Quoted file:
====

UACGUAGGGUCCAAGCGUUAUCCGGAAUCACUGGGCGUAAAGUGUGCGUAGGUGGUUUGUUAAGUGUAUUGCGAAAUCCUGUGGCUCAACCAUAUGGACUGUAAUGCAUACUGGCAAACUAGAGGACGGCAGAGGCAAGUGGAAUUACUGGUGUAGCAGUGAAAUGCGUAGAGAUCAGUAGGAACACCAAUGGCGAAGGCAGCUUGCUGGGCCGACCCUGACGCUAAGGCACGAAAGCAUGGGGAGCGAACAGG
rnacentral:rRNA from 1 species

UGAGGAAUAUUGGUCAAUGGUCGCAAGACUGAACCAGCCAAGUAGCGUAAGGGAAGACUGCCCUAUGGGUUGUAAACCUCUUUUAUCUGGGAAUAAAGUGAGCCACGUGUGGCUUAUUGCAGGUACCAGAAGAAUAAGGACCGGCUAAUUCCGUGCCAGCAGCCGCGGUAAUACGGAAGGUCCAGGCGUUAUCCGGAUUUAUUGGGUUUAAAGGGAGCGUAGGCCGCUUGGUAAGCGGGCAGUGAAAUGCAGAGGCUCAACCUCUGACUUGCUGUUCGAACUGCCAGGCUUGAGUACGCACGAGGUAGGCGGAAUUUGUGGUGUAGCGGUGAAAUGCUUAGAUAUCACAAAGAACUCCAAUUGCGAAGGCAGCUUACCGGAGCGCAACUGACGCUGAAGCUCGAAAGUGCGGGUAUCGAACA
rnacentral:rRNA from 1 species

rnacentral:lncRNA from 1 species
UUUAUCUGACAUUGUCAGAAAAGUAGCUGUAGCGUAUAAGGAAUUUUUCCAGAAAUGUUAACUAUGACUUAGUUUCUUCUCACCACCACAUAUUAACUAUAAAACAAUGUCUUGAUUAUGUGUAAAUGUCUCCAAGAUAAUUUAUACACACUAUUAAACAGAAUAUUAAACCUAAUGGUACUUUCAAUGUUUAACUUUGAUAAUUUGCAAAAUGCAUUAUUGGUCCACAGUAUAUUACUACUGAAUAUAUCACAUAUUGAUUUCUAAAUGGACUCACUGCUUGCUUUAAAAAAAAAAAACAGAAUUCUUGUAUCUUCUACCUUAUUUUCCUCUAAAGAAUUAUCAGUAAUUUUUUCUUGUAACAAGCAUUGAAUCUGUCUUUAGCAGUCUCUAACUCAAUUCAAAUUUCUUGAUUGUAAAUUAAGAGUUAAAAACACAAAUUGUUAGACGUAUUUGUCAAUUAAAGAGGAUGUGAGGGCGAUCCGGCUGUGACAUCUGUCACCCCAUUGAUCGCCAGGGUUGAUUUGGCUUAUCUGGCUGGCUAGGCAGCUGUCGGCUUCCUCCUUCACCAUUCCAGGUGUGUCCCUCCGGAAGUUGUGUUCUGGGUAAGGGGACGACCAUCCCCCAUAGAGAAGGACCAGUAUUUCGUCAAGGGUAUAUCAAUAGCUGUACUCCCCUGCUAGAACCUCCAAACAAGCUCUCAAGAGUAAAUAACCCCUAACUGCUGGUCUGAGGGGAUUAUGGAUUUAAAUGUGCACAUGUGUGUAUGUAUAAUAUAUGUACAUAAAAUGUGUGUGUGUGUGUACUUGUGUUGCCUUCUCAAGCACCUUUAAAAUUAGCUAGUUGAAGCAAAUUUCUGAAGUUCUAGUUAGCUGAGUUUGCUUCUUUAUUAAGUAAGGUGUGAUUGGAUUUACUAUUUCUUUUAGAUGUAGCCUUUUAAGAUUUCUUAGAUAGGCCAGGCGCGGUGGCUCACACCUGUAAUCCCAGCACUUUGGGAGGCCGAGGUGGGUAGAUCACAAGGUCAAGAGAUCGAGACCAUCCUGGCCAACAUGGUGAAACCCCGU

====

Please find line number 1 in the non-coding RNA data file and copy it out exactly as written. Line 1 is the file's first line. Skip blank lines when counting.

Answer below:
UACGUAGGGUCCAAGCGUUAUCCGGAAUCACUGGGCGUAAAGUGUGCGUAGGUGGUUUGUUAAGUGUAUUGCGAAAUCCUGUGGCUCAACCAUAUGGACUGUAAUGCAUACUGGCAAACUAGAGGACGGCAGAGGCAAGUGGAAUUACUGGUGUAGCAGUGAAAUGCGUAGAGAUCAGUAGGAACACCAAUGGCGAAGGCAGCUUGCUGGGCCGACCCUGACGCUAAGGCACGAAAGCAUGGGGAGCGAACAGG